Delve into Sevenoaks School's history with these fascinating articles researched and written by archivist Sally Robbins.
Histories of the school, written by former staff, are available to buy through Sevenoaks School Foundation - A School Transformed: Sevenoaks School 1898–2002 by Mike Bolton, former Undermaster (published 2019) and Sevenoaks School: A History by Brian Scragg (published 1993).
Email the archivist if you have any comments or questions, or would like to donate an item to the school archives.
Sevenoaks School Locomotive No. 935
There are not many photographs in the school archives from the 1930s, and those that we do have are mainly of house groups or sports teams. There are two, however, which show pupils in a more relaxed environment, climbing onto the footplate of a large locomotive festooned with bunting, in their suits and biffs. The photographs were taken eighty years ago this summer on the occasion of the visit to Sevenoaks (Tubs Hill) Station by the newest Schools’ Class locomotive, No.935 Sevenoaks School.
The Schools’ Class locomotives were a group of forty steam engines designed in 1930 specifically for the Southern Railway to cope with the operating difficulties on the Tonbridge/ Hastings and Chatham/ Ramsgate lines – narrow tunnels and steep gradients; and with enough speed to accommodate the tight boat-train schedules to Dover and Folkestone.
For the technically minded, the engines used elements of both the Lord Nelson and King Arthur classes (hence their nickname of a “Three Quarter Nelson”); were a V Class engine with a 4-4-0 wheel arrangement (ie. 4 driving wheels, and 4 leading wheels, each 6’ 7” in diameter); had a fuel capacity of 5 tons of coal and 4000 gallons of water; and a round topped firebox. Originally painted olive green the engines were subsequently brightened up with a malachite shade.
It was decided to name the new Class after southern Public Schools in recognition of the amount of passenger traffic to and from these institutions at the beginning and end of each term. Prior to starting its service, each engine visited the nearest station to its nomenclature for an inspection and naming ceremony by the pupils. The Sennockian correspondent for that day at Tubs Hill in July 1935 recalled that “the driver and fireman became the most patient and interesting schoolmasters for three hours on end…”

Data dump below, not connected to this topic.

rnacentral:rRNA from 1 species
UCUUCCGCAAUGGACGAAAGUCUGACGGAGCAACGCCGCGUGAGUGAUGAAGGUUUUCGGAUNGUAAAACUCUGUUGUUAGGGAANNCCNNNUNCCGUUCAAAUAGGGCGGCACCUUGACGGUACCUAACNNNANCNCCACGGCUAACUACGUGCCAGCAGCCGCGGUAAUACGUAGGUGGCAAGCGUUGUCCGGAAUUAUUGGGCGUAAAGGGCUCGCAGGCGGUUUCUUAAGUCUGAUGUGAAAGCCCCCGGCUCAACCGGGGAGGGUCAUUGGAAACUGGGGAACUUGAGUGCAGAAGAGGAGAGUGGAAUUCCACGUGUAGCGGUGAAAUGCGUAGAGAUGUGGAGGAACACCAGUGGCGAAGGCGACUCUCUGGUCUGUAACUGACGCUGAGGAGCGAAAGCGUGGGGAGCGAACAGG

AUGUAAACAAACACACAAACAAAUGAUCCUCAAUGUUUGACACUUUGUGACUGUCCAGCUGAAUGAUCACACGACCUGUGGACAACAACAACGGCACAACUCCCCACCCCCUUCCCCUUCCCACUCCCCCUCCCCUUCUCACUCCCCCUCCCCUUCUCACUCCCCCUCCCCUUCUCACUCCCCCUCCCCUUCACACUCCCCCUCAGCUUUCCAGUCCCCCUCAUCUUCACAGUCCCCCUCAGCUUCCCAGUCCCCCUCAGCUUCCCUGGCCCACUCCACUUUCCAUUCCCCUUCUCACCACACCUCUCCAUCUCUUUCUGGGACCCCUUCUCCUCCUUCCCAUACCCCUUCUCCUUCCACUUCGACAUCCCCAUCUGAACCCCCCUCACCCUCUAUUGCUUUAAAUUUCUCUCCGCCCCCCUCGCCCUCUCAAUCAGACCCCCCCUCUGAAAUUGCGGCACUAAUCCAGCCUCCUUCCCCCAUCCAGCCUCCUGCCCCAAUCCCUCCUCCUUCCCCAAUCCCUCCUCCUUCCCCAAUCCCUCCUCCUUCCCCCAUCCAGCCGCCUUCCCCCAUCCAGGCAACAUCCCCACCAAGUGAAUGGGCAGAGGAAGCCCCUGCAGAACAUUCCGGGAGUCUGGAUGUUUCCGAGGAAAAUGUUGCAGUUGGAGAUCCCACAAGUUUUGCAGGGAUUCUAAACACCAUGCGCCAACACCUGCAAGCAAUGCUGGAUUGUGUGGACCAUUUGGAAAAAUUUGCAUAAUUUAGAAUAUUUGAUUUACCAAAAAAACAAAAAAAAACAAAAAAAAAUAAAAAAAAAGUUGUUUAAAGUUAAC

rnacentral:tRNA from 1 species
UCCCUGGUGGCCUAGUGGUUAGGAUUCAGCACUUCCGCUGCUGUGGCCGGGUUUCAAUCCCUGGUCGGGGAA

The first engine built was No.900 Eton; Sevenoaks School was one of the last to be built, in 1934 at the Eastleigh Works in Hampshire. Only Uppingham objected to the use of its name and in that same year No.923 ‘s nameplate was hastily removed and replaced by Bradfield. Later engines began also to be named after schools further afield such as Repton (926) and Shrewsbury (921).
The Daily Mail published an entire article on their introduction: “This is really excellent news. No one can reproach the Southern Railway with carelessness…the only drawback to these educated engines, as far as I can see, is there is bound to be a good deal of intercollege rivalry. It is, for example, not difficult to imagine a certain friction arising from Eton’s persistent whistling of its Boating Song..”.
No.935 was unique in being modified in 1938 as part of streamlining trials just before the outbreak of War. They were ultimately unsuccessful and the original design was soon reverted to. Electrification of the Southern line began in 1957 and the Schools’ Class engines began to be withdrawn from service. In service for thirty years - “They are, in fact, the last word in modern locomotive practice and power” [Sennockian 1935].
Sevenoaks School, which had done over a million miles in its lifetime, last ran on 29 December 1962. It was eventually scrapped; only the brass nameplates were salvaged, one of which is in the School Archives. The original 5’ model of the train was donated to the school in 1963 by OS Maurice Finch; the current model in the School Bursar’s office is a later, and smaller, version. An article in the Sennockian of 1964, shortly after No.935 had been sent to the scrapyard, ended on the note that “in a short time…her individuality will vanish, as her features are committed to the flames to be reduced to a lifeless mass and remain in the minds of men a memory of the time that was – requiescat in pace”.